to form 2 long and strong lengths of foil. These are going to be crossed over to form
a lifter for getting the pudding in and out of the steamer or slow cooker, just like this.
Now lightly grease the pudding basin and pop the smaller parchment circle in the
bottom. Slice the reserved orange half into 3-4 rounds.
Arrange the reserved pecans and apricots on top of the parchment disc. Slice the cherries
in half and pop these in too, taking care to ensure that the right-side of the cherries
and pecans are facing the bowl (so that they’ll turn out the right way when the Pudding is
served). Lay the orange slices prettily around the edges and set aside.
Now let’s finish the pudding mixture. Remember to remove the vanilla pod from the bowl. Coarsely
grate the apple into the bowl, along with the carrot which I’ve grated already to save
a bit of time in the video. Give it a good stir with a wooden spoon to mix. Sieve in
the flour, cornflour, baking powder, xanthan gum and brown sugar. Work this through the
sieve to remove any lumps in the sugar. I’ve melted the coconut oil and vegetable shortening
until they’re both fully liquid and I’m going to add this to the bowl too along with the
ground almonds, the egg (or flaxseed egg if using this instead) and the breadcrumbs. Now
beat everything together thoroughly until well combined. In the UK, we have a tradition
whereby everyone in the family takes a turn at stirring the pudding and making a wish
so now’s the time to bring the family together for their stir and wish.
Spoon the pudding mix into the prepared basin, taking care to pat it down as you go so that
there are no air pockets. When all the mixture is in the basin, smooth out the top, then
cover directly with the 2 larger parchment discs. Wrap the pleated foil over the top
of the pudding basin and tie securely with the kitchen string (which is always easier
to do if you’re not filming at the same time)! Centralise the pudding on the 2 strips of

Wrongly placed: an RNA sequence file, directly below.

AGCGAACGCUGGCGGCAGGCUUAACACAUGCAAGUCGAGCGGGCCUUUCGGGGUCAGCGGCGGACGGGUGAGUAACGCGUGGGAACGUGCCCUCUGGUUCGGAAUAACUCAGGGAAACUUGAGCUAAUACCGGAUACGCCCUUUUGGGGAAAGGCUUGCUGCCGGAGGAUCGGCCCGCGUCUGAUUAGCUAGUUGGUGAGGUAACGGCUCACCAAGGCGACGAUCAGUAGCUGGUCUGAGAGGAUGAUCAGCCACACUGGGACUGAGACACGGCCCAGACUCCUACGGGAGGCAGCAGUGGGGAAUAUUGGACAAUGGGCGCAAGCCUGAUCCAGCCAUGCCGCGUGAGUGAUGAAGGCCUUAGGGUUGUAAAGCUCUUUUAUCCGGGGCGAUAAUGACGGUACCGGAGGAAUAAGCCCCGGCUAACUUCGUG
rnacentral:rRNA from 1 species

foil but only lift the pudding with these at the last moment to place it in the steamer
or slow cooker. You can cook the pudding in the top of a steamer
of simmering water but I prefer to use a slow-cooker. I pop a heat-safe ramekin in the bottom to
act as a trivet and lift in the pudding. Then I carefully pour in enough boiling water down
the side to come half way up the side of the basin and I’m taking care not splash myself
or the pudding with the boiling water. Then I cover with a well-fitting lid and cook for
8hrs in a steamer or 10-12hrs in a slow cooker on high. If you use a steamer, regularly check
and make sure that it is topped up with freshly boiled water and even with a slow cooker,
I’ll top it up 2-3 times during the cooking time.
After cooking, remove from the heat and set aside to cool fully.
Once fully cooled, cut off the string and remove the foil lid and parchment paper. If
any condensation has formed inside the basin whilst it was cooling, wipe this away with
kitchen towel. Replace with fresh parchment circles. Cover the whole pudding basin tightly
with kitchen film and the pudding can now be stored for up to 6 months, just tuck it
into a cool, dark place (you can also keep your foil “lifter” to reuse too).
I hope you’ve enjoyed this video, please give it a thumbs up and subscribe if you have.
You’ll find the instructions on how to reheat the Pudding on Christmas Day in the description
box below. You can also find this recipe in my Gluten Free Christmas Holiday Festive Feasts
& Treats Cookbook, which is available as a paperback or Kindle book from Amazon, or as
an ebook from iBooks, Nook or Kobo. All the links to my book are in the description box
below too. I hope you’ll want to watch more videos in
my Gluten Free cooking series, like these ones here!
Thank you so much for your company. Please also let me know if you make this or if you’d
like to see a video of any other of my recipes and bye for now!